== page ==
Mature, firm heads of cabbage were selected from a team-member’s garden a day prior; cabbage can also be purchased at the supermarket for year-round kraut making.  Both red and green cabbage varieties can be used; the team used a mix of red and green.

Two women cutting cabbage
Two women cutting cabbage – Photo: bmarrs

We used a mandolin to shred the cabbage. Cabbage can also be shredded using a sharp knife, kraut cutter, or food processor.  However cut, the shreds should be long and thin.  Once the cabbage was shredded, it was weighed, and salt (canning and pickling salt) added per the kit recipe.

Woman massaging cabbage
Woman massaging the cabbage – Photo: bmarrs

The salt was massaged into the cabbage until the cabbage was wilted and juicy. 

Two women packing cabbage into jars
Two women packing massaged cabbage into jars – Photo: bmarrs

The wilted/juiced cabbage was firmly packed into the quart jars allowing the juice to come to the top and completely cover the cabbage. 

The two kits allowed for different amounts of headspace.  What is most important is that there is sufficient headspace for the brine from the cabbage/salt mix to completely cover the top of the cabbage.  After the jars were filled, the jars were weighted and topped with the fermenting lid and screw band supplied with each kit.  Weights can be a food grade glass disk (provided with the MasonTop® kit), stainless steel spring (provided with the Ball® kit), a freezer bag filled with brine* that fits into the jar, a smaller glass jar filled with water or brine, or a full wine bottle that sits on top of the cabbage.  If using a brine bag, glass jar, or wine bottle for weight, whole cabbage leaves (discard when the kraut is done fermenting) should be packed atop the cabbage first.

Five women and one child holding jars of cabbage ready for fermenting
AnswerLine Team (Rachel Sweeney( and child), Marlene Geiger, Beth Marrs, Marcia Steed, and Carol Van Waardhuizzen) show the jars of cabbage ready for fermenting. Photo: bmarrs

Each team member left the workshop with two jars to ferment at home.  At home, team members were advised to store their jars in a cooler, darker place in their home, to check it daily to make sure that the cabbage was always covered in brine, and to wait about 2 weeks to test.  Fermentation time is dependent on quantity and temperature.  Kraut fermented at 70º-75ºF will ferment in about 1-2 weeks; at 60º-65ºF, fermentation may take 2-3 weeks.  At temperatures lower than 60ºF, kraut may not ferment and above 75ºF, kraut may become soft or mushy.  The best way to determine when the kraut is ready is by smell and taste.  The cabbage should be translucent but remain crunchy, not soft or slimy. The salty flavor should be diminished and replaced with a bright, tangy flavor of the lactic acid. When the kraut has reached an individual liking, it is time to stop the fermentation by refrigerating and eating it.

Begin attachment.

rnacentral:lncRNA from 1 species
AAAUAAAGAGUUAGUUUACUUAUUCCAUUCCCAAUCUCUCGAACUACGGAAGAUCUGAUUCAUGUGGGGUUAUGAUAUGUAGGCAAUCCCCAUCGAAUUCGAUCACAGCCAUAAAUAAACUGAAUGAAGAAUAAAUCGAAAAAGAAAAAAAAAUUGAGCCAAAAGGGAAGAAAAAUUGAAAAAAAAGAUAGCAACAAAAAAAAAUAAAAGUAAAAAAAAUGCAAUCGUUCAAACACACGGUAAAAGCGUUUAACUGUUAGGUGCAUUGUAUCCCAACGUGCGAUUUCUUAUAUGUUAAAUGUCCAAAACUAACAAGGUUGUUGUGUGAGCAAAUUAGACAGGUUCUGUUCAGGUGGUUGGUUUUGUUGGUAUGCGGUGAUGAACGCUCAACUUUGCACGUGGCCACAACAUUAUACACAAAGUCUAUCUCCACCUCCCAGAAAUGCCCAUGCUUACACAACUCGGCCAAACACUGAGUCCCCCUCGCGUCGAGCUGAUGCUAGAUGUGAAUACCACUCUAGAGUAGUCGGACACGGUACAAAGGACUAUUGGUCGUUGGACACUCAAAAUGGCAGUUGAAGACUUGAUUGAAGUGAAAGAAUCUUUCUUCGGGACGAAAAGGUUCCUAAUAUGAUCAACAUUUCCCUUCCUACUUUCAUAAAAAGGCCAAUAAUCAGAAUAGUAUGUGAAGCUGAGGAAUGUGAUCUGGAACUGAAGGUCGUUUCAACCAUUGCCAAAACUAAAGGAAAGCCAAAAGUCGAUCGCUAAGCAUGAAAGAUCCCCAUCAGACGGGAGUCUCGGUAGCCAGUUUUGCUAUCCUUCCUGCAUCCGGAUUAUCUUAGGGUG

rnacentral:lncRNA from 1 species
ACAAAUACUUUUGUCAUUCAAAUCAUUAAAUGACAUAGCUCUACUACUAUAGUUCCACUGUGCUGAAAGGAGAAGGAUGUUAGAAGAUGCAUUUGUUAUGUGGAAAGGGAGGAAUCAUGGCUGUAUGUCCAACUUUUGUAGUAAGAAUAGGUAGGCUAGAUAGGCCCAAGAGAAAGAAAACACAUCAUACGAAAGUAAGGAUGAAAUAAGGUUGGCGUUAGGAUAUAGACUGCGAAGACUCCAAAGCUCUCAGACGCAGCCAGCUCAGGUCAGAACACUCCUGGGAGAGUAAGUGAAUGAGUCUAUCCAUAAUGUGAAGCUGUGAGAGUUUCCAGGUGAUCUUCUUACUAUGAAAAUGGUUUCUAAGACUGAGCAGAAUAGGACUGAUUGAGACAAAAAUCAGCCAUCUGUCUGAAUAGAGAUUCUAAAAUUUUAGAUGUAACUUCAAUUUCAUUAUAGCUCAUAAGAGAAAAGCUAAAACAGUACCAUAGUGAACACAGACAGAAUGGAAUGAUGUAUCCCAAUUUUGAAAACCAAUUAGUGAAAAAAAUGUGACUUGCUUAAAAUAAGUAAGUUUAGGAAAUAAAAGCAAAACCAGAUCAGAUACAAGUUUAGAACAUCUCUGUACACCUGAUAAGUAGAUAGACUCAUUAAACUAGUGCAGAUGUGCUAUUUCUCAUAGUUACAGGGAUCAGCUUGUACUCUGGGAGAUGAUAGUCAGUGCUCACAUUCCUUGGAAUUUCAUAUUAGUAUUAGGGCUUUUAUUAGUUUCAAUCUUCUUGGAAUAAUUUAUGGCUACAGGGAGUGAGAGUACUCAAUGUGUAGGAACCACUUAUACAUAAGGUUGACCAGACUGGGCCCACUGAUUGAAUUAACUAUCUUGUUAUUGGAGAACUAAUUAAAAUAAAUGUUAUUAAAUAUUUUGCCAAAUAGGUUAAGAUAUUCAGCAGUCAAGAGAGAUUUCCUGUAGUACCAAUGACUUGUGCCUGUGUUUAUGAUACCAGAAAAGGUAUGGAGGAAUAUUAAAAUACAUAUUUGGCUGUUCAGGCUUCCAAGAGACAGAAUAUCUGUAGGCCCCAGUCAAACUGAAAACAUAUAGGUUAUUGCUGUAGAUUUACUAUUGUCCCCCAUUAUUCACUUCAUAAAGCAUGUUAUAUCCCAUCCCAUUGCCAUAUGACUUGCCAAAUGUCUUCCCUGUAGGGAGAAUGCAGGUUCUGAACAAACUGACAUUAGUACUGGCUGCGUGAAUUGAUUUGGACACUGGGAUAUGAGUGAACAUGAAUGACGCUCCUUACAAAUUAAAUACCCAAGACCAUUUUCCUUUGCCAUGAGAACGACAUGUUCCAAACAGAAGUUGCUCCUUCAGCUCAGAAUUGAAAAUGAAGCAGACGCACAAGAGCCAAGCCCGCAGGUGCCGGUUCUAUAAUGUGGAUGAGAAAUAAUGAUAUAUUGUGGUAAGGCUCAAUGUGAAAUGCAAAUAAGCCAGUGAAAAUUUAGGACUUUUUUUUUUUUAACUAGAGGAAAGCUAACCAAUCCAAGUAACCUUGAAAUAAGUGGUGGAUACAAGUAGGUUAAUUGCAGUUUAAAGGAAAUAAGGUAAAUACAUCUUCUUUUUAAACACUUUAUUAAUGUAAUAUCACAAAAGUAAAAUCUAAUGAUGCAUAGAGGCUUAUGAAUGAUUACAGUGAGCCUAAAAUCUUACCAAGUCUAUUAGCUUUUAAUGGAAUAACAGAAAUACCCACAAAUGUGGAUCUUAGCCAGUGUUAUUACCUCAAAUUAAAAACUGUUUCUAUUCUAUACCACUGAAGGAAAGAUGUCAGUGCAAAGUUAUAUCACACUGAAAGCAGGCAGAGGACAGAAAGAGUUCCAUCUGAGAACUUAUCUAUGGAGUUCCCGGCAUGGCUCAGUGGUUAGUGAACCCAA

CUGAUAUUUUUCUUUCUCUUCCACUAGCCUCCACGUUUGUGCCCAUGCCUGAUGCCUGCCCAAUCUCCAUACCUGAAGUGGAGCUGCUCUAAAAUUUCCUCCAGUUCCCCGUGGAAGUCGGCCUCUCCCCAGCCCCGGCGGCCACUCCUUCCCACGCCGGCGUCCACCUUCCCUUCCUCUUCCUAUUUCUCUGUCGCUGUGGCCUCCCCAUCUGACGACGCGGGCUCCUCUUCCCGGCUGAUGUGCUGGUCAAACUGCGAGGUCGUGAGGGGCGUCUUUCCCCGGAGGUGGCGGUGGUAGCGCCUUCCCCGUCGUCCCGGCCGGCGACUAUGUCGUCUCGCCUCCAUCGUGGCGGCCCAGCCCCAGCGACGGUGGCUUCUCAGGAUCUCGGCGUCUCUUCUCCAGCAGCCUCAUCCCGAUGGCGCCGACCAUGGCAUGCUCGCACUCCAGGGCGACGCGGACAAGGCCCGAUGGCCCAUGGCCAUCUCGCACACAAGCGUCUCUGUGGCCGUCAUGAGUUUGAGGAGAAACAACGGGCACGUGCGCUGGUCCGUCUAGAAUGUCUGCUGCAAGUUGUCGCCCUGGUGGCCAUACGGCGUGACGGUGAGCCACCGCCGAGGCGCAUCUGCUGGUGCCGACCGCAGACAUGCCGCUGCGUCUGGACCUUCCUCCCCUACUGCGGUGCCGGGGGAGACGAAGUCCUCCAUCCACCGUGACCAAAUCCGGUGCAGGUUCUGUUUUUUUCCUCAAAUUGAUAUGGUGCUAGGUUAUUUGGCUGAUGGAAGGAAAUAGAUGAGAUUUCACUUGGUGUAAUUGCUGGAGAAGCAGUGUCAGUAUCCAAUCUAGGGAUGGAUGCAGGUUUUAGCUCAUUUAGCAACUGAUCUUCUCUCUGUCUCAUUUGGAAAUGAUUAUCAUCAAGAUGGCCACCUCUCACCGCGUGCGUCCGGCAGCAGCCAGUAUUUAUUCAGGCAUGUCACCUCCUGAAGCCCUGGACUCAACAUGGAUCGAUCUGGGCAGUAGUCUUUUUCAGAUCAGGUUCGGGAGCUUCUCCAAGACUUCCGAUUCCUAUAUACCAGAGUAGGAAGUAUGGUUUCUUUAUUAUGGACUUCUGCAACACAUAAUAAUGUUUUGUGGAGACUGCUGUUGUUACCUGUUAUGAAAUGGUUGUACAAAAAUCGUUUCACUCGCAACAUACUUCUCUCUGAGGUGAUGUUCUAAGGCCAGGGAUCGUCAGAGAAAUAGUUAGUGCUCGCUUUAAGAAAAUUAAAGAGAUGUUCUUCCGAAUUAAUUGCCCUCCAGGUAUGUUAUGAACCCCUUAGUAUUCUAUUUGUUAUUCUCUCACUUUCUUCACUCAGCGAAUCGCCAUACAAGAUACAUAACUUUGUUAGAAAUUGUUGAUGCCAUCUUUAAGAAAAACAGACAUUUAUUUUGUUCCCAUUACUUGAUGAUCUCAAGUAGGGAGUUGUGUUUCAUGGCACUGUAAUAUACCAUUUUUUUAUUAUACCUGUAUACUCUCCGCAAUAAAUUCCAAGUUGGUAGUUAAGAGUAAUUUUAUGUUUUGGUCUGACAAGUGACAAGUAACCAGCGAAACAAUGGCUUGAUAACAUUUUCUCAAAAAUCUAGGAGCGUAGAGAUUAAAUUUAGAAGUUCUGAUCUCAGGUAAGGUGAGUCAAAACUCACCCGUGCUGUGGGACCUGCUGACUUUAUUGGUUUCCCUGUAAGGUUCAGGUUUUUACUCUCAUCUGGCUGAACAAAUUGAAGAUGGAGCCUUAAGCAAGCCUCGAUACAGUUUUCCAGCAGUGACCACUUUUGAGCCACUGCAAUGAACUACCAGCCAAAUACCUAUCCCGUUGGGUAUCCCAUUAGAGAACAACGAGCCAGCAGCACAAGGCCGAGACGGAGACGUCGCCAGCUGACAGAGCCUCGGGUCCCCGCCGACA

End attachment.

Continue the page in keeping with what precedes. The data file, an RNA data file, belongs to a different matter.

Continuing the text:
Here are the team takeaways from this experience:

  • Small batch kits make it easy to get started, learn about the fermentation process, and build fermentation confidence. Kits are a matter of personal preference.
  • Approximately 2 pounds of cabbage is needed to fill a quart jar.
  • Tightly packing the cabbage into the jars is important to continue releasing the juices necessary to create the anaerobic (without oxygen) environment need for lacto-fermentation to take place while inhibiting spoil-causing bacteria.
  • Work in small batches when packing the cabbage into the jars.  Pack tightly after each handful addition.
  • Important to keep oxygen out yet allow carbon dioxide to bubble out.  Good amount of brine, weight, and lid with an air release enable this. 
  • Keep the cabbage submerged under the brine at all times to prevent oxidation; cabbage will brown at the top if the brine level drops. Add brine during the fermentation time, if needed.
  • Monitor it daily watching for off smell or loss of brine.  Watch for signs of healthy fermentation: cabbage swelling, gas pockets, color changes, bubbles or foam on the surface of the brine, some white sediment in the bottom of the jar. Bubbling activity is normal and a good sign the fermentation process is working.
  • Flavor improves with age but can be customized to individual taste and probiotic level. Longer ferments give a stronger flavor and more probiotics.